Tag Archive | trauma

Breaking My Silence

“Our silence is the abuser’s protection.” — Jodie Ortega

April is Sexual Assault Awareness Month. #SAAM

When I started down the path of sharing my own personal journey about my relationship with Domestic Violence, I was welcomed into a sisterhood of woman who had been in the same place as me.  Some even, who are still in the same place as me.  The more interaction I had with people regarding this issue, the more I wanted to know about the epidemic itself.  In all honesty, although I knew it was happening to others, I never once looked up any information about the statistical aspect of it.  Not until I started blogging.

Eventually, I landed on Twitter.  There too, I found many more avenues to follow.  Not only more people who were blogging on other sites, but also victim resources, shelters and government agencies, all sharing informative links and articles.  So, I did my homework.  I’m still doing my homework.  What I quickly learned is that the topic of Sexual Assault goes hand in hand with Physical Assault. Abuse is abuse. What I mean by that is that it all falls under one umbrella.

However, I always seem to find myself taking a step back from the topic.  I guess because to me, Sexual Assault just seems so much more graphic than being slapped around.  I always felt like I was tough enough to handle the physical stuff.  I could take it “like a man” so to speak.  It’s because over time I was conditioned to do so, in order to survive.  Although my abuser did attempt to rape me once over the span of all these years, it’s the one thing I don’t think I could’ve (mentally) survived.  And because it’s never happened to me, I feel that I am unable to relate on the same level with women who have survived it – mentally and physically.  That’s not to say I don’t support them because I do.  Because there’s rape and then there is sexual abuse and molestation.  And I fall under the molestation category.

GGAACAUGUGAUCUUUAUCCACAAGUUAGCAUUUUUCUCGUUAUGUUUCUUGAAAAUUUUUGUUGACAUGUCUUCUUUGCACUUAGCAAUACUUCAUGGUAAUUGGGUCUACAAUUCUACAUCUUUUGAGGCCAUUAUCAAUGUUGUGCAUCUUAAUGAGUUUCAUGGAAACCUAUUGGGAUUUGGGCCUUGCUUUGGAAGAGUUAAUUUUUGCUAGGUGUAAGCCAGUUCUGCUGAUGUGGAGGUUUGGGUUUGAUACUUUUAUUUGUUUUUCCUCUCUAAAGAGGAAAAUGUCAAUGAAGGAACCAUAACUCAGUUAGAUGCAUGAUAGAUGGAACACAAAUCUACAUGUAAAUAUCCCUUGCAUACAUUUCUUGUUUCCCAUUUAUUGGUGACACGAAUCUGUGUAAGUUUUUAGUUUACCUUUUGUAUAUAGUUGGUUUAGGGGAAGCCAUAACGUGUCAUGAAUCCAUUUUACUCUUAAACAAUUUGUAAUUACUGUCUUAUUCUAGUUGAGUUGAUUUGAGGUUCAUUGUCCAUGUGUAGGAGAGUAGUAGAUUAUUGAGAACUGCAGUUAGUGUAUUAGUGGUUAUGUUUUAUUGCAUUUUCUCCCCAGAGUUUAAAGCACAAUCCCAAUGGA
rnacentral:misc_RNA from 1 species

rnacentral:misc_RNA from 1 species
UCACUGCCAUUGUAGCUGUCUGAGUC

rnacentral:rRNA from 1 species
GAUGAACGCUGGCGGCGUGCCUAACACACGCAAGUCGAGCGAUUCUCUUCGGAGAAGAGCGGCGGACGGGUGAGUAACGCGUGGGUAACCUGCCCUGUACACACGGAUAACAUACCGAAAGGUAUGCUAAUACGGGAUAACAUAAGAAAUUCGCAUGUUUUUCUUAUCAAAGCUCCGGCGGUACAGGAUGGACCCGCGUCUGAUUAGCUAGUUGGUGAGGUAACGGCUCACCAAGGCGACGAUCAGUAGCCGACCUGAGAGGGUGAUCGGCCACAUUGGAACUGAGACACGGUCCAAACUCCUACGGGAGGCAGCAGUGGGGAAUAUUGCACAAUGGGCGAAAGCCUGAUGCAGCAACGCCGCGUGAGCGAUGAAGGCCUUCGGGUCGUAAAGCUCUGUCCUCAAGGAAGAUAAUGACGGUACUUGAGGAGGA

What’s the difference?  Is there a difference?  There may or may not be.  I guess it all depends on how it’s perceived.  It’s all subjective.  I’d think each victim has their own outlook.  Bottom line is, an unwillingness to participate in any type of sexual act means the victim doesn’t ask for any of it to happen, which means it’s all Sexual Assault.

For me, coming out about my physically abusive marriage was already one secret too much.  Little did I realize, I was picking at the wall of the dam and eventually everything would overflow.  When asked to do a guest post on another blog, less than a month after I started blogging, it just came out.  In Aftermath of Abuse, I discussed my relationship with abuse at the hands of my husband, father and grandfather.  The latter was the perpetrator of my childhood molestation occurring at four years old.

“As luck would have it, he never penetrated me.  It was mainly fondling.  I remember several episodes after the first incident that he had me in his bed.  His “manhood” exposed and he guided my hand in stroking him.  In total, from memory, there could not have been more than five times that this had gone on.  And as I got older I actually forgot, blocked it out, suppressed it, whatever the experts say happen after events like this…is what must have happened.  I didn’t really think about it again until he passed away which was about 20 years after the fact.

When the memory came flooding back, I had told my mother and sister.  My mother questioned me as if she didn’t believe me.  She said, “he never watched you and your cousin at the same time.  I don’t think he even ever watched you alone.”  Guess what, apparently…he did.  Our family was very close growing up and so my grandfather was always around.  There was never a strained relationship with him.  More evidence (to my mother) that this could not be a true story.  I quickly dropped it.  I never spoke about it again with her so I don’t know if she ever truly accepted what I had said as true.  I let it go.  At the wake I leaned over his body and said, “I forgive you”.  I don’t know if that helped me in anyway but I felt like it was the right thing to do.

I also never spoke about this with my cousin.  So I don’t know if she recalls the same incident I do or whether or not there were other one on one incidents with her.  I do have my sneaking suspicions though.  After all…if we are a textbook case of the aftermath of sexual abuse then the evidence is clear – she went on to be involved with drugs and I became sexually promiscuous.”

The cousin I reference above is one and the same as discussed in Disconnected Reconnection.

The point of all of this is that we all handle things differently.  There is no cookie cutter abuse worksheet that makes every act the same.  Whether it’s physical, sexual, emotional, psychological., etc.  There are similar aspects to all of it because at the very essence of it all is controlling manipulation.  Our distinct personalities make up the other part of the difference because our reactions and coping mechanisms vary.